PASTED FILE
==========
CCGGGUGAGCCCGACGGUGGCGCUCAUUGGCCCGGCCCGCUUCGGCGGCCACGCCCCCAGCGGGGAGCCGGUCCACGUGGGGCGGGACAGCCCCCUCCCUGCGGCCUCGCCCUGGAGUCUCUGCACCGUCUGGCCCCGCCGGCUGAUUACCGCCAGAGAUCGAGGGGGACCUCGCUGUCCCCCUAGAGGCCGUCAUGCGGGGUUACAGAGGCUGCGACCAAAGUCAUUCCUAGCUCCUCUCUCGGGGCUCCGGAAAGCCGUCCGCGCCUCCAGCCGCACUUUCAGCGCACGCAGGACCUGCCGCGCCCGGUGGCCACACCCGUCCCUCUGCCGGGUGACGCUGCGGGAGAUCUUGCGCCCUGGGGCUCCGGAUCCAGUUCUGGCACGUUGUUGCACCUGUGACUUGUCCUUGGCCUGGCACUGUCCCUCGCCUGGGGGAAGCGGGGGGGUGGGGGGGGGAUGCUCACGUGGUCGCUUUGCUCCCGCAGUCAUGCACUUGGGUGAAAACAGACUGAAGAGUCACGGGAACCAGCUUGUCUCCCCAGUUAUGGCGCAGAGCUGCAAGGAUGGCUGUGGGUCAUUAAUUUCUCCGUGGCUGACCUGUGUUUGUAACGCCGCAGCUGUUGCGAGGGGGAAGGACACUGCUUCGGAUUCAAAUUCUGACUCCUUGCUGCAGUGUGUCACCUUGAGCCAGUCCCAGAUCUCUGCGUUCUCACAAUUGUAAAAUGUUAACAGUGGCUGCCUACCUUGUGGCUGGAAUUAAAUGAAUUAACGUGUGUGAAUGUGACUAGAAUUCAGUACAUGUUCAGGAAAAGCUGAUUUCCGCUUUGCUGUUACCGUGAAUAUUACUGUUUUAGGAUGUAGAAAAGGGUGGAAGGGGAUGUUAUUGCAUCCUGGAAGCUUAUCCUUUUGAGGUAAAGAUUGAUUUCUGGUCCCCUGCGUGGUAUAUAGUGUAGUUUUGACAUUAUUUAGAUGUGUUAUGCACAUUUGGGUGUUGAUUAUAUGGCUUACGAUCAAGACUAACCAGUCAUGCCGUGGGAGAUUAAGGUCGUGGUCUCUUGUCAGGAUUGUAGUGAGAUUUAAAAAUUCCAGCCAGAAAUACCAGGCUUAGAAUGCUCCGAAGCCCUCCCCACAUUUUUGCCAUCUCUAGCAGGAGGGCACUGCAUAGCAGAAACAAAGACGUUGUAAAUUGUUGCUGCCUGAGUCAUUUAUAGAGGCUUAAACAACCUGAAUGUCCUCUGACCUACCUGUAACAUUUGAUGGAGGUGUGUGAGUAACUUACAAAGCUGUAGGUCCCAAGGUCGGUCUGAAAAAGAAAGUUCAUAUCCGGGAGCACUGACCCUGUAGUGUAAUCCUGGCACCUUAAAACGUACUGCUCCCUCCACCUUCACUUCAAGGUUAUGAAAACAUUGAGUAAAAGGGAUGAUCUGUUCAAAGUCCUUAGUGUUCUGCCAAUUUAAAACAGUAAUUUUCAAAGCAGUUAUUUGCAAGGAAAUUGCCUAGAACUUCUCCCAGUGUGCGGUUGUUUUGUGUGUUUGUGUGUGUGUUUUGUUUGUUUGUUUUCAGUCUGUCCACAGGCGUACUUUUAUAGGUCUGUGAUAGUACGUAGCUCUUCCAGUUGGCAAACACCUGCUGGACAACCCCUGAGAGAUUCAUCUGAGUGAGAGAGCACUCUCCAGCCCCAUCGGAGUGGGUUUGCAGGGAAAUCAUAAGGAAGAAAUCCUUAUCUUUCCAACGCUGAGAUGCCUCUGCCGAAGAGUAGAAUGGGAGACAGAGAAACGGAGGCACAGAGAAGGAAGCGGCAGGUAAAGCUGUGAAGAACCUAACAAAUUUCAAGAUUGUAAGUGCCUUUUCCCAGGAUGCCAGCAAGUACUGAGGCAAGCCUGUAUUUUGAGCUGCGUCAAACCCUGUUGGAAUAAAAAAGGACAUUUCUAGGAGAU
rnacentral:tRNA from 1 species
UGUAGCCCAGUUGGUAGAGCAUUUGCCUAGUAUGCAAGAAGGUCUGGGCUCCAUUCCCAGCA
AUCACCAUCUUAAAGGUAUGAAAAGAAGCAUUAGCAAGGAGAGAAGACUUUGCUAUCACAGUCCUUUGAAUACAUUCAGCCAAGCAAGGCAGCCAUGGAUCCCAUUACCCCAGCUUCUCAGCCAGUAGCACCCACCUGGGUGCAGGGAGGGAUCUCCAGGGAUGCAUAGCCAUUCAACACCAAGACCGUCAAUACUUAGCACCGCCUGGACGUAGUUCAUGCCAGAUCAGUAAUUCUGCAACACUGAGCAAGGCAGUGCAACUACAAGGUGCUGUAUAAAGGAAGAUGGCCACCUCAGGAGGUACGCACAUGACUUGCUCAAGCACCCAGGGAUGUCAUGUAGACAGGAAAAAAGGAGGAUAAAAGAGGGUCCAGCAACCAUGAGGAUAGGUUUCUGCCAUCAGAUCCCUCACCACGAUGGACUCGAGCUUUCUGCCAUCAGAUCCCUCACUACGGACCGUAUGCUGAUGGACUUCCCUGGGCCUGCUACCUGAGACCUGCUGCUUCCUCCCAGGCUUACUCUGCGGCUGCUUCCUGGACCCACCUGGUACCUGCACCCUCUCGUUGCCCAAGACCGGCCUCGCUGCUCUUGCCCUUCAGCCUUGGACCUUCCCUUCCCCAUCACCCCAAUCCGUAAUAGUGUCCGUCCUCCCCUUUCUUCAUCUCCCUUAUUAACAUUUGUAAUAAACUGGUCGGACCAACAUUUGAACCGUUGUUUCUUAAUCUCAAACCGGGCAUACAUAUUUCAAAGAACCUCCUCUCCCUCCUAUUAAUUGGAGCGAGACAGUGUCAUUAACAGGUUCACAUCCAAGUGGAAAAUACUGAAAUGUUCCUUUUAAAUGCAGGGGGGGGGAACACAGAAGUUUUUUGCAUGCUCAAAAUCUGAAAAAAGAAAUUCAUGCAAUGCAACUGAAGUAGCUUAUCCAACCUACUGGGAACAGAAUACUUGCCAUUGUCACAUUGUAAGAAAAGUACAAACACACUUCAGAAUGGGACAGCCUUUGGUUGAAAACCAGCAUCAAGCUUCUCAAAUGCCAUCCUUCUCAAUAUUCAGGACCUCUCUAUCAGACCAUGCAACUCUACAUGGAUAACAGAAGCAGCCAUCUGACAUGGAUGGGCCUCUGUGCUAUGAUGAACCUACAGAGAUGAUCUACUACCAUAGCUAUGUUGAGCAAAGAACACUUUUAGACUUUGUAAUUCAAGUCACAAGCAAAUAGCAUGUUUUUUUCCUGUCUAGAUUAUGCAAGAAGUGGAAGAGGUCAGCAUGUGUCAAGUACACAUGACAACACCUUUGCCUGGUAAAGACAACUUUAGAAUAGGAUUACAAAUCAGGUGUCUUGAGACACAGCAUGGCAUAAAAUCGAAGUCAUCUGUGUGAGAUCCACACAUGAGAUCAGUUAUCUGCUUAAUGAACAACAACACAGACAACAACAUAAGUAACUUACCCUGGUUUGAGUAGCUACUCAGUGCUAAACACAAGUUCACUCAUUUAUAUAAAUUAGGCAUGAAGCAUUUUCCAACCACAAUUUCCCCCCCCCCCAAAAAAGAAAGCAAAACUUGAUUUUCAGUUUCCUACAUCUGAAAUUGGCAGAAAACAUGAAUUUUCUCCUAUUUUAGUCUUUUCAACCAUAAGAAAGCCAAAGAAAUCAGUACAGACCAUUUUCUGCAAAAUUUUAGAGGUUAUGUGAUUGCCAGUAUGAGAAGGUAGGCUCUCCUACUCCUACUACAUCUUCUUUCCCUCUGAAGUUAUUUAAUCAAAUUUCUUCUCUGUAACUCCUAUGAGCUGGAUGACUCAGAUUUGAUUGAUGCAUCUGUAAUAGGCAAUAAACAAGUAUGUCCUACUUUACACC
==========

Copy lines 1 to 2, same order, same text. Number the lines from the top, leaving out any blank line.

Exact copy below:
CCGGGUGAGCCCGACGGUGGCGCUCAUUGGCCCGGCCCGCUUCGGCGGCCACGCCCCCAGCGGGGAGCCGGUCCACGUGGGGCGGGACAGCCCCCUCCCUGCGGCCUCGCCCUGGAGUCUCUGCACCGUCUGGCCCCGCCGGCUGAUUACCGCCAGAGAUCGAGGGGGACCUCGCUGUCCCCCUAGAGGCCGUCAUGCGGGGUUACAGAGGCUGCGACCAAAGUCAUUCCUAGCUCCUCUCUCGGGGCUCCGGAAAGCCGUCCGCGCCUCCAGCCGCACUUUCAGCGCACGCAGGACCUGCCGCGCCCGGUGGCCACACCCGUCCCUCUGCCGGGUGACGCUGCGGGAGAUCUUGCGCCCUGGGGCUCCGGAUCCAGUUCUGGCACGUUGUUGCACCUGUGACUUGUCCUUGGCCUGGCACUGUCCCUCGCCUGGGGGAAGCGGGGGGGUGGGGGGGGGAUGCUCACGUGGUCGCUUUGCUCCCGCAGUCAUGCACUUGGGUGAAAACAGACUGAAGAGUCACGGGAACCAGCUUGUCUCCCCAGUUAUGGCGCAGAGCUGCAAGGAUGGCUGUGGGUCAUUAAUUUCUCCGUGGCUGACCUGUGUUUGUAACGCCGCAGCUGUUGCGAGGGGGAAGGACACUGCUUCGGAUUCAAAUUCUGACUCCUUGCUGCAGUGUGUCACCUUGAGCCAGUCCCAGAUCUCUGCGUUCUCACAAUUGUAAAAUGUUAACAGUGGCUGCCUACCUUGUGGCUGGAAUUAAAUGAAUUAACGUGUGUGAAUGUGACUAGAAUUCAGUACAUGUUCAGGAAAAGCUGAUUUCCGCUUUGCUGUUACCGUGAAUAUUACUGUUUUAGGAUGUAGAAAAGGGUGGAAGGGGAUGUUAUUGCAUCCUGGAAGCUUAUCCUUUUGAGGUAAAGAUUGAUUUCUGGUCCCCUGCGUGGUAUAUAGUGUAGUUUUGACAUUAUUUAGAUGUGUUAUGCACAUUUGGGUGUUGAUUAUAUGGCUUACGAUCAAGACUAACCAGUCAUGCCGUGGGAGAUUAAGGUCGUGGUCUCUUGUCAGGAUUGUAGUGAGAUUUAAAAAUUCCAGCCAGAAAUACCAGGCUUAGAAUGCUCCGAAGCCCUCCCCACAUUUUUGCCAUCUCUAGCAGGAGGGCACUGCAUAGCAGAAACAAAGACGUUGUAAAUUGUUGCUGCCUGAGUCAUUUAUAGAGGCUUAAACAACCUGAAUGUCCUCUGACCUACCUGUAACAUUUGAUGGAGGUGUGUGAGUAACUUACAAAGCUGUAGGUCCCAAGGUCGGUCUGAAAAAGAAAGUUCAUAUCCGGGAGCACUGACCCUGUAGUGUAAUCCUGGCACCUUAAAACGUACUGCUCCCUCCACCUUCACUUCAAGGUUAUGAAAACAUUGAGUAAAAGGGAUGAUCUGUUCAAAGUCCUUAGUGUUCUGCCAAUUUAAAACAGUAAUUUUCAAAGCAGUUAUUUGCAAGGAAAUUGCCUAGAACUUCUCCCAGUGUGCGGUUGUUUUGUGUGUUUGUGUGUGUGUUUUGUUUGUUUGUUUUCAGUCUGUCCACAGGCGUACUUUUAUAGGUCUGUGAUAGUACGUAGCUCUUCCAGUUGGCAAACACCUGCUGGACAACCCCUGAGAGAUUCAUCUGAGUGAGAGAGCACUCUCCAGCCCCAUCGGAGUGGGUUUGCAGGGAAAUCAUAAGGAAGAAAUCCUUAUCUUUCCAACGCUGAGAUGCCUCUGCCGAAGAGUAGAAUGGGAGACAGAGAAACGGAGGCACAGAGAAGGAAGCGGCAGGUAAAGCUGUGAAGAACCUAACAAAUUUCAAGAUUGUAAGUGCCUUUUCCCAGGAUGCCAGCAAGUACUGAGGCAAGCCUGUAUUUUGAGCUGCGUCAAACCCUGUUGGAAUAAAAAAGGACAUUUCUAGGAGAU
rnacentral:tRNA from 1 species